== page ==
The effects of frequency and height of cutting on tillering, herbage yield and nutritive value of four varieties of napier grass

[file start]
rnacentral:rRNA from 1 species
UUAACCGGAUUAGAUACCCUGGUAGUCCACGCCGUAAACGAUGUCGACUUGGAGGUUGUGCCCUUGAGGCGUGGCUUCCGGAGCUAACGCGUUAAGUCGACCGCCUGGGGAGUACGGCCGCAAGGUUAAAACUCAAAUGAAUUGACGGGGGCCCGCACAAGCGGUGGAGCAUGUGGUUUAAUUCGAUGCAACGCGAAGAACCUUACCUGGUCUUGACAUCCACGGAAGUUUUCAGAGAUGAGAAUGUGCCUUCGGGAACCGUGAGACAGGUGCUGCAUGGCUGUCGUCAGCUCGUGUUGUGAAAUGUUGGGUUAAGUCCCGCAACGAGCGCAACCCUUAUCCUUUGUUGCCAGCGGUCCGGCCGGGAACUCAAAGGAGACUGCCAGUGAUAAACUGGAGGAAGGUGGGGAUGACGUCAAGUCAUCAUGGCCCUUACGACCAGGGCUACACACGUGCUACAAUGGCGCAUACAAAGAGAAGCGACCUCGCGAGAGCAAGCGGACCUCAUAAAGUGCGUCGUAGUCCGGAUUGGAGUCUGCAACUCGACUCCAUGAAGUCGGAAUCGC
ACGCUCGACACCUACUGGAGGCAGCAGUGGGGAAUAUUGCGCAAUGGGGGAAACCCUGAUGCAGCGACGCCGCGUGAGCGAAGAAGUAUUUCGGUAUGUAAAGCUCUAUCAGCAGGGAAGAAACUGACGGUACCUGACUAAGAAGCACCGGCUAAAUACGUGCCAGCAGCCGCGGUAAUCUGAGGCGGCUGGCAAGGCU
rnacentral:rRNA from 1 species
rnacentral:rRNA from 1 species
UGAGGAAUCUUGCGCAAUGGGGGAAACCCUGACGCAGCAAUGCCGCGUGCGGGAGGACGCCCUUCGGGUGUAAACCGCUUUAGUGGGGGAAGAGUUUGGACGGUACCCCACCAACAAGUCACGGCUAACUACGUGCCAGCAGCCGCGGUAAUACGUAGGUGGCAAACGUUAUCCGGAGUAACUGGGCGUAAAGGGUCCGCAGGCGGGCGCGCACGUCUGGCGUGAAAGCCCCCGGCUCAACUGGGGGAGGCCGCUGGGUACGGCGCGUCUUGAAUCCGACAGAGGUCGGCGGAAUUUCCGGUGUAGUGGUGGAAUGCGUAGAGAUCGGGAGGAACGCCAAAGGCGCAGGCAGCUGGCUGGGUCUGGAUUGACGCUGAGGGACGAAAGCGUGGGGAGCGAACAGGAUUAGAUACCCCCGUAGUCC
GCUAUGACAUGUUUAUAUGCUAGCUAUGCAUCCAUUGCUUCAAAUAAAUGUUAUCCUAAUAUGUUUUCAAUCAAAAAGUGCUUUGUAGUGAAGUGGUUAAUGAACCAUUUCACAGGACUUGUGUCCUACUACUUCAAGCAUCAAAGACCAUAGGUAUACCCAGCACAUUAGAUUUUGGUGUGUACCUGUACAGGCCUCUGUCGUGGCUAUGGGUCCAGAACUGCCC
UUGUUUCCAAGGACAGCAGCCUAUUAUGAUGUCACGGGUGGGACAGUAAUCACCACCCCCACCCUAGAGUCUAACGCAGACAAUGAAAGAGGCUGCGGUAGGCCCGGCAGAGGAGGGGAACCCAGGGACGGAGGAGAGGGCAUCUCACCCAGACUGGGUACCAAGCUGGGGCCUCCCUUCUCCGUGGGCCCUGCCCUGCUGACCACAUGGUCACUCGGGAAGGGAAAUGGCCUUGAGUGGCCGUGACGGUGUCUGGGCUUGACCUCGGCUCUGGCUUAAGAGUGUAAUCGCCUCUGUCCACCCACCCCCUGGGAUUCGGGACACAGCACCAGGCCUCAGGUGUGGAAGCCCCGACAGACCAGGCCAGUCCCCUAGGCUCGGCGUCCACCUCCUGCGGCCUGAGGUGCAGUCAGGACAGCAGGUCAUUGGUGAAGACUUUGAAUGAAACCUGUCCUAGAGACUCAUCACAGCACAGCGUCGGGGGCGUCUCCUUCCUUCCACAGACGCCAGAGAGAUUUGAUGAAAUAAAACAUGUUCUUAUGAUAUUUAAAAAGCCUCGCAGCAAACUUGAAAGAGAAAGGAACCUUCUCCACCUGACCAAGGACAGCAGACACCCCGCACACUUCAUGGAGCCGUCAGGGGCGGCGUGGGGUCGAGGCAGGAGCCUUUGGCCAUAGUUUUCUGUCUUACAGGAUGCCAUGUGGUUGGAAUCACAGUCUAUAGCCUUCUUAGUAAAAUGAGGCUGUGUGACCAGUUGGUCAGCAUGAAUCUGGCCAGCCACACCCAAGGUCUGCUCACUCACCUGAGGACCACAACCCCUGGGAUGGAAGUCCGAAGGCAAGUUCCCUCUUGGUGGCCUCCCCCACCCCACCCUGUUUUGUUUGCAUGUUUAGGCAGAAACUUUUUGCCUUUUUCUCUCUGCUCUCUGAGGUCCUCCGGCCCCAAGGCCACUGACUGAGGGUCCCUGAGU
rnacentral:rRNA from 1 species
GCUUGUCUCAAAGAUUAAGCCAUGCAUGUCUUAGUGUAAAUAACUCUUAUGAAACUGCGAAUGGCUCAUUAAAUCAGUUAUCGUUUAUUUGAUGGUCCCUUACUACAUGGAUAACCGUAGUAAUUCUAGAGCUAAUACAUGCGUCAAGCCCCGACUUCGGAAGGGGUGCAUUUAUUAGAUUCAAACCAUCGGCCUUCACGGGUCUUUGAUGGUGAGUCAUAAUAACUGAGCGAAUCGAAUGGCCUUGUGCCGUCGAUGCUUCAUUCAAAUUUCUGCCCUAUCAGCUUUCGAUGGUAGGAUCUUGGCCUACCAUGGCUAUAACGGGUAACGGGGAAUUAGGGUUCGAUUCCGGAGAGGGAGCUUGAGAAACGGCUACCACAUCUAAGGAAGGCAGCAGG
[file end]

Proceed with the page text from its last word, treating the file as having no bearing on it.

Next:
The effects of six-, eight-and ten-weeks cutting interval* and 0, 10 and 20 cm cutting heights and their combinations on tillering, herbage yield, crude protein and in vitro dry matter digestibility of four varieties of napier grass, namely, French Cameroon, Clone 13, Bana and a Bajra x napier hybrid were tested in a deep sandy loam soil of Embu Research Station. Results from the first seven months of productive life indicated a major difference in the tillering pattern of the four grasses. Regrowth from Bana and Bajra x napier hybrid was dominated by basal and terminal shoots while that from French Cameroon and Clone 13 was dominated by basals and axillary shoots (tillers). The Hybrid napier consistently maintained the highest number of basal and terminal shoots. Herbage yield (dry matter basis) responded linearly to the length of the cutting interval. Varieties French Cameroon, Bana and Hybrid napier outyielded Clone 13 but the overall yield range was narrow (7.4 - 9.4 t/ha). Hybrid napier maintained superiority in crude protein content over the other three varieties throughout the duration of the study with a mean crude protein content of 15.46% as opposed to 12.73% in French Cameroon (lowest). The overall mean crude protein content dropped from 14. 58% to 12. VI % when the cutting interval was increased from six to ten weeks. Hybrid napier had a consistently lower _in vitro dry matter digestibility (D-value) than the other three varieties. The range of b-values between French Cameroon, Clone 13 and Bana was extremely narrow at each defoliation. The effect of cutting interval on the D-value was inconsistent, initially assuming a negative relationship but subsequently showing a quadratic trend. Cutting height had no significant effect on the dry matter yield, crude protein content or D-value. The results of this study indicated that within the range of cutting intervals and heights tested, herbage yield was a more appropriate criterion for choice of variety than crude protein content and D-value. They also indicated that so long as sufficient time for regrowth was allowed, cutting height was not a limiting factor to herbage yield. Visual observation however indicated a gradual weakening of the stand frequently defoliated (every six weeks) at the ground level.